For the latest news on B&H, visit their Facebook page.

History of B&H
Save the B&H
Second Ave Small Biz Crawl

Wednesday, August 12, 2015

Hollow New York

Hopefully by now we can all agree that the rent in New York is too damn high. For residents, yes, but also for small businesses. The city is becoming a hollow shell.

In a story last week about our dying bodegas, the New York Times reported: "According to a report from the Real Estate Board of New York, the average commercial rent in Manhattan rose 34 percent from 2004 to 2014."

And what's coming in to replace the bodegas (and everything else)? National and international chains. "In 2014, the city experienced the largest increase in chain stores in four years, and the sixth straight year of growth in chains."

In a story about our dying laundromats, which are vanishing from expensive and hyper-gentrified parts of town, the Wall Street Journal reported that rents are going up--by large percentages--and forcing out the laundromats. In addition, apps like Cleanly and Washio are taking business and killing the mom and pops.

The problem is happening in San Francisco, too, where techies have completely taken over. Writes Jack Smith at Tech.Mic, "As wealthy startup employees drive up rent and force out residents who depended on the convenience of nearby laundromats, those laundromats are now closing down... Services like Washio act like handmaids to wealthy young elites."

One Google employee's response to the problem was to dismiss it as "the cost of disruption," saying laundromats are no longer necessary. (Except, of course, for those of us who still need them.)

It's not just New York and San Francisco that are suffering from mass corporatization and murder by rent hike, it's the whole country (and the whole Western World). Grub Street just pointed to data that shows that, in another year or two, the majority of America's restaurants will be chains.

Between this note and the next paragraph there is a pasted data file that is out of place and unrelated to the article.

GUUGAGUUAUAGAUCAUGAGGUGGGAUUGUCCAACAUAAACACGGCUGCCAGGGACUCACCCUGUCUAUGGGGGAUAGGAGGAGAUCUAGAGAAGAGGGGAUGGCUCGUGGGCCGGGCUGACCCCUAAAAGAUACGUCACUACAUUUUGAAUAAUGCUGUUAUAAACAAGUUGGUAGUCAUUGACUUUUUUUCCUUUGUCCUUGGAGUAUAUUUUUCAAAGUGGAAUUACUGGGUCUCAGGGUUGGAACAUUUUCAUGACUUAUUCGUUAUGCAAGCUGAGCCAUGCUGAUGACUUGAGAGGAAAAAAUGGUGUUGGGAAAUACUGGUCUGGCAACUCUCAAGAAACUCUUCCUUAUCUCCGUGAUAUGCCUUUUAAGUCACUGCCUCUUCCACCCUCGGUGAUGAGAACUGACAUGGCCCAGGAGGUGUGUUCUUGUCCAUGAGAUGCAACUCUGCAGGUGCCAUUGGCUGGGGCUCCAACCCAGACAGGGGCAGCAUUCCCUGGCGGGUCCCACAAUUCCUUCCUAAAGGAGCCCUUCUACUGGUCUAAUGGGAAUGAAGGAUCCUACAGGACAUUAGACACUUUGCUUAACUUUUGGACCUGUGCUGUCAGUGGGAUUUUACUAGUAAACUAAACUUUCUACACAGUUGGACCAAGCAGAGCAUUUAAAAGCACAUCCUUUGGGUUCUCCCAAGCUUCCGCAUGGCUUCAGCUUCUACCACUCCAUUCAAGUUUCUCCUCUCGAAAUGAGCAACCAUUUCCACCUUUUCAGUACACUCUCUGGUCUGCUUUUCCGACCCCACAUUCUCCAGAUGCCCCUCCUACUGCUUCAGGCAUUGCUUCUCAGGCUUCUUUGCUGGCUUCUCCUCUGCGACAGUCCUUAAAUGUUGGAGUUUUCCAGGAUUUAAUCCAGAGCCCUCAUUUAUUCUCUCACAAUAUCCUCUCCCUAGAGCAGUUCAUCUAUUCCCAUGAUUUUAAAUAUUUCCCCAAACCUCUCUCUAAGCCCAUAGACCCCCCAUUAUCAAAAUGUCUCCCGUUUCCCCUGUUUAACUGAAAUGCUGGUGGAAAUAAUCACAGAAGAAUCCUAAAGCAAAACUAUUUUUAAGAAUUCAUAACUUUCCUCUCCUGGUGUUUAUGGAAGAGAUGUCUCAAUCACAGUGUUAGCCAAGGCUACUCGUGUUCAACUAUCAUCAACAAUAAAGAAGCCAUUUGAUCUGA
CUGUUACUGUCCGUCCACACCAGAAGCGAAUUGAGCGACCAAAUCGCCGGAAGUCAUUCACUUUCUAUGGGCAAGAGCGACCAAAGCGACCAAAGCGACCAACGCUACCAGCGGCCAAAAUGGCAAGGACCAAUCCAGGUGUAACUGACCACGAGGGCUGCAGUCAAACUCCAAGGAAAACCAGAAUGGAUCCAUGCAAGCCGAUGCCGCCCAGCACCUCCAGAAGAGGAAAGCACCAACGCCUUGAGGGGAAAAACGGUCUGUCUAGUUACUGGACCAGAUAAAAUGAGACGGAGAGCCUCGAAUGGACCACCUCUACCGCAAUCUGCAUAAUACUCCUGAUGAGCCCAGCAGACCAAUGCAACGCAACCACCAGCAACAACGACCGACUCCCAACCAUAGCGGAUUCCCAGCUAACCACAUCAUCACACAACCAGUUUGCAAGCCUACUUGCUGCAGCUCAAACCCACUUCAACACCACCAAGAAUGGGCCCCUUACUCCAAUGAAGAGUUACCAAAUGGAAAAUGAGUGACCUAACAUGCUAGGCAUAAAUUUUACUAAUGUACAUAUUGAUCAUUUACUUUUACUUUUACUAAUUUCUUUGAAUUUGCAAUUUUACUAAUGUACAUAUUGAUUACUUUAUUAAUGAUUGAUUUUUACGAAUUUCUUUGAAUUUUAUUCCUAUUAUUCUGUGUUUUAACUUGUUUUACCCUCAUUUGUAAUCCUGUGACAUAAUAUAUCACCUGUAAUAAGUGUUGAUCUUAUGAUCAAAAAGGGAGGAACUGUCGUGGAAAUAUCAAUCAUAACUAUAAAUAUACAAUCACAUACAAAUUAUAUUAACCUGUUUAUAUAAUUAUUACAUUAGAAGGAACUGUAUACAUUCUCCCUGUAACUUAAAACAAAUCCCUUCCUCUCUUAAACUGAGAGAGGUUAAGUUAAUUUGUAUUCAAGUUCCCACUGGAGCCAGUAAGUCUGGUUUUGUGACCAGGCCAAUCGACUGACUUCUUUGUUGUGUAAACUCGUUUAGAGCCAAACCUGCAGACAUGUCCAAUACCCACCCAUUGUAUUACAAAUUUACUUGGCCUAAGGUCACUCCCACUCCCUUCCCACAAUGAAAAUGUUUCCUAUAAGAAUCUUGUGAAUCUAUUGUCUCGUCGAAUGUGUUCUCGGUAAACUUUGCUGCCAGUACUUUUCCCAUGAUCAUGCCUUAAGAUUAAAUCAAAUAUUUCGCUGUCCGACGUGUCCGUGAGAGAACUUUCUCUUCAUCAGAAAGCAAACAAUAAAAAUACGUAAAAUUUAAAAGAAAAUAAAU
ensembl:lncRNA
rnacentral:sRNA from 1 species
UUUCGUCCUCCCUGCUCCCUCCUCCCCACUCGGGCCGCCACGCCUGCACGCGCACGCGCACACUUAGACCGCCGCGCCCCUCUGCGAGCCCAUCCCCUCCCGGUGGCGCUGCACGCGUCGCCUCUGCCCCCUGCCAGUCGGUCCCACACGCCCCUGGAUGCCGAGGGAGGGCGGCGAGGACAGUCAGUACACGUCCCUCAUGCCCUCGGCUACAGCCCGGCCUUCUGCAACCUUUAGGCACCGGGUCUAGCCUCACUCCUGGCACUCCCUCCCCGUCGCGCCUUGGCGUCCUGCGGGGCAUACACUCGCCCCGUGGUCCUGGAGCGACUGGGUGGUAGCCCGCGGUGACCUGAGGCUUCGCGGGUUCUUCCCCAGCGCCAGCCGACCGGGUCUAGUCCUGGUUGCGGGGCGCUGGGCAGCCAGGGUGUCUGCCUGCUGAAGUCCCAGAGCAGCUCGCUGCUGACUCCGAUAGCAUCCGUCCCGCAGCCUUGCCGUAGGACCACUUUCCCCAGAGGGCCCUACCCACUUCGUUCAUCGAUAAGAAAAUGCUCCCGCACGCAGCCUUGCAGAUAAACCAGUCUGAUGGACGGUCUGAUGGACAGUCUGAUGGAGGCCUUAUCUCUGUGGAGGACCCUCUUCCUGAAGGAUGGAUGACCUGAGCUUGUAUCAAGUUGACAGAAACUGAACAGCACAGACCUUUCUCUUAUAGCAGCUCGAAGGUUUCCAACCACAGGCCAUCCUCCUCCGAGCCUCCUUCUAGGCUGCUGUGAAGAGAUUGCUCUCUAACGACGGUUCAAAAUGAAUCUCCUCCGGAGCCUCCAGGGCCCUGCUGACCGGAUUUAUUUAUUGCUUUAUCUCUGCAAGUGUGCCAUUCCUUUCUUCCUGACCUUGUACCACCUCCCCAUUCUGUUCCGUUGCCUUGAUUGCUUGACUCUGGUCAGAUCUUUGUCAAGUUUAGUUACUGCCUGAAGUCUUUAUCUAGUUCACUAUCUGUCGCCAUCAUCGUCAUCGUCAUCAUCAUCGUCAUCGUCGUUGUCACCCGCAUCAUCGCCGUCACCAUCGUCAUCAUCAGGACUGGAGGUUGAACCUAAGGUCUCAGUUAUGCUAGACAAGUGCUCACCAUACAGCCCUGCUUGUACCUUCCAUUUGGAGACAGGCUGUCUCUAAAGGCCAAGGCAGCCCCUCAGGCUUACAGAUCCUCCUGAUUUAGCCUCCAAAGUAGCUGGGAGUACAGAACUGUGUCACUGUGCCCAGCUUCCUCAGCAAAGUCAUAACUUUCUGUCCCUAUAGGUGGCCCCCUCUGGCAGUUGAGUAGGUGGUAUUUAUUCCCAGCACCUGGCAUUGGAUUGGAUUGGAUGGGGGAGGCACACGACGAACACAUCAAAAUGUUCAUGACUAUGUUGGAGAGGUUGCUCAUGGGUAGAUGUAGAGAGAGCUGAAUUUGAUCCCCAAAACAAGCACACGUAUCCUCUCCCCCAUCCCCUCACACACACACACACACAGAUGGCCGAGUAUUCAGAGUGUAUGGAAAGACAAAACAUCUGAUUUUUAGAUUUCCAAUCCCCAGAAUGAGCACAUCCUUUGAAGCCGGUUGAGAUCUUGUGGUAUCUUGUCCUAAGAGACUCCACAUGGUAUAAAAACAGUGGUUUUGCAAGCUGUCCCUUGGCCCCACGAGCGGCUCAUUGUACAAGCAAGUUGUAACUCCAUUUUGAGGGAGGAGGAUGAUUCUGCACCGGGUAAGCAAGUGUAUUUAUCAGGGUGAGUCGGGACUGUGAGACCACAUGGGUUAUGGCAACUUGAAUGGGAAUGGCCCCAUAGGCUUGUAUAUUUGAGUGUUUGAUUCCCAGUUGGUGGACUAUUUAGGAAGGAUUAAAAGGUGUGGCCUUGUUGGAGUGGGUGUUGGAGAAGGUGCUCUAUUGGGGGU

When landlords know they can get chains to pay high rents, they kick out small businesses--and leave the spaces empty for years. This creates what Tim Wu at The New Yorker called "high-rent blight." Entire neighborhoods are being wiped out and left as ghost towns. Think it's an exaggeration? Check out this piece over at Tribeca Citizen -- 100 vacant storefronts, all photographed, one after another, all pushed out by landlords demanding too-high rents.

Here's how Alan Ehrenhalt at Governing explains the issue: "Landlords sometimes jack up the rent not because they have a chain tenant in the wings, but because they hope to snare one. The landlords call them 'credit tenants.' In the meantime, there are tax deductions to be claimed. And if the building was a recent purchase, the landlord is paying off the acquisition at interest rates much lower than those that would have prevailed at any time in recent history.

In any event, the die-off is real. The question is whether the local government has the power and the political will to do anything about it."

Tribeca Citizen

Plenty can be done about this problem. And City Hall has the power. But no one is doing it.

This is a crisis of culture. It is a crisis of individuality and diversity. We can't save the world from this mind-numbing, soul-killing wave of monoculture, but we can #SaveNYC. And New York has been a driver of global culture from its beginnings.

I've said it before and I'll say it again: Let's put a stop to exorbitant rent hikes on mom and pops by passing the Small Business Jobs Survival Act. Let's stop the spread of chains by passing a city-wide ordinance to control them. Let's fine landlords who leave their spaces open for longer than six months.

Here's what you can do to help. It's really not that hard. This city is worth saving.

Tuesday, August 11, 2015

Block Drugs T

Block Drugs, the great old (since 1885) pharmacy in the East Village, with the great old neon sign, now has an official t-shirt.